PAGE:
November 5th, 2008
07:33 AM ET
6 years ago

Ban on gay marriage in CA still unclear

Prop 8 supporters gather at a rally.
Prop 8 supporters gather at a rally.

(CNN) - The outcome of an effort to ban gay marriage in California remained unclear early Wednesday since not all the votes had been counted.

Proposition Eight, which would eliminate the right of same-sex couples to marry in California, had the support of 52 percent of voters at 2:45 a.m. (5:45 a.m. ET), with 84 percent of precincts reporting.

Voters in Arizona and Florida approved bans on gay marriage Tuesday.

In California, voters weighed a gay marriage ban after the California Supreme Court ruled this year that such marriages were legal under the state's constitution.


The ballot initiative had the support of 4.6 million voters compared with 4.3 million who were opposed, according to preliminary results.

In Arizona, voters approved a measure Tuesday to amend the state constitution so that only a union between one man and one woman would be recognized as a marriage. Fifty-six percent of voters supported the measure - a reversal of direction from 2006, when a similar measure on the ballot failed.

A ban on gay marriage also passed in Florida, with support from 62 percent of the voters.

In California, first-time voters cast their ballots against the proposition by a 64 percent to 36 percent margin, according to exit polls. The rest of the electorate favored the amendment 52 percent to 48 percent.

Church attendance was a major factor in voting.

Californians who attend church weekly voted for Proposition Eight by a margin of 83 percent to 17 percent, according to exit polls. Those who attend church occasionally voted 40 percent in favor and 60 percent opposed. Californians who never attend church were 14 percent in favor and 86 percent
opposed.

College graduates opposed Proposition Eight by a 57 percent to 43 percent margin. Those without a college degree favored it 53 percent to 47 percent.

African-Americans voted for the measure by a 69 percent to 31 percent
margin. However, 55 percent of white voters and 52 percent of Hispanics voted
against the proposition.

– Hal Quinley and CNN's Joe Von Kanel contributed to this report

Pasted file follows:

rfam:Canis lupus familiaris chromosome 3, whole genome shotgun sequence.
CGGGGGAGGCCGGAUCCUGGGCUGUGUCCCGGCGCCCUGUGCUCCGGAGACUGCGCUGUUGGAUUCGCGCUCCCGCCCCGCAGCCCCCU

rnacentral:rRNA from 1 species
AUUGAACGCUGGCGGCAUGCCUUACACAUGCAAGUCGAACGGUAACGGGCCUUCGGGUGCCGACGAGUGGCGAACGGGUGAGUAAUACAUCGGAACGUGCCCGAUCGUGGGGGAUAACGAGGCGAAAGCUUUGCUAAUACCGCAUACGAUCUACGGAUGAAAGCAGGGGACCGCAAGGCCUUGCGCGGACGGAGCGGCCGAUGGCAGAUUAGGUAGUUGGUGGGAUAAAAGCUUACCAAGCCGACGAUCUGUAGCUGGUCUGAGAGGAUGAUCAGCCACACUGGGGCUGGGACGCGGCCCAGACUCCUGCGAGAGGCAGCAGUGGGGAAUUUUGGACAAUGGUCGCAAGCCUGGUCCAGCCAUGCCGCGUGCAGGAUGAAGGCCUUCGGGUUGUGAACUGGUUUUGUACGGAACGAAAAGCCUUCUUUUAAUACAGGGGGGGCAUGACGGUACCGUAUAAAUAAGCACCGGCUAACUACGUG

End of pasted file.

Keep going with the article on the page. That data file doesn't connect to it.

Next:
Filed under: Uncategorized
soundoff (90 Responses)
  1. scott

    I'm keeping my fingers crossed it fails.
    I live in upstate NY. I live alone. I'm not marrried. I'm gay. I'm miserabel and want to find someone special and get married. I'm also 54. I've lived most of my life in the closet. How can a state that voted a man as good as Obama into the office of President of These United States also vote for such descrimination? It makes me so sad.

    November 5, 2008 09:17 am at 9:17 am |
  2. Kim

    God made Adam and Eve, not Adam and Steve. Our anatomy works together for a reason!

    November 5, 2008 09:17 am at 9:17 am |
  3. Rodney Lester

    This is to all those who voted against gay marriage in all the states: IT'S NONE OF YOUR BUSINESS! What a concept?

    November 5, 2008 09:17 am at 9:17 am |
  4. Jake

    ya this is a no brainer, God intended marriage to be between a man and a women. Nowhere does it say in the Bible that gay marriage is ok. It has always been intended for male and female, not same sex. Opposites attract, thats it.

    November 5, 2008 09:17 am at 9:17 am |
  5. Amy

    Can someone explain to me why people who aren't gay care at all about whether gay people get married, let alone care enough to take that right away from them? I'm at a loss.

    November 5, 2008 09:17 am at 9:17 am |
  6. THE US OF WHAT?

    These Propositions are to confusing and know I mean know one adrressed them not even CNN. So when average people go vote the wording is so coonfusing you don't know if yes means yes for the proposition or no.

    Its just too confusing period.

    November 5, 2008 09:17 am at 9:17 am |
  7. back to the closet

    "African-Americans voted for the measure by a 69 percent to 31 percent
    margin." You would think that African-Americans, given the history of bigotry in this country, would know better. I guess, in the end, bigotry DOES come in all colors. Sad, Sad, Sad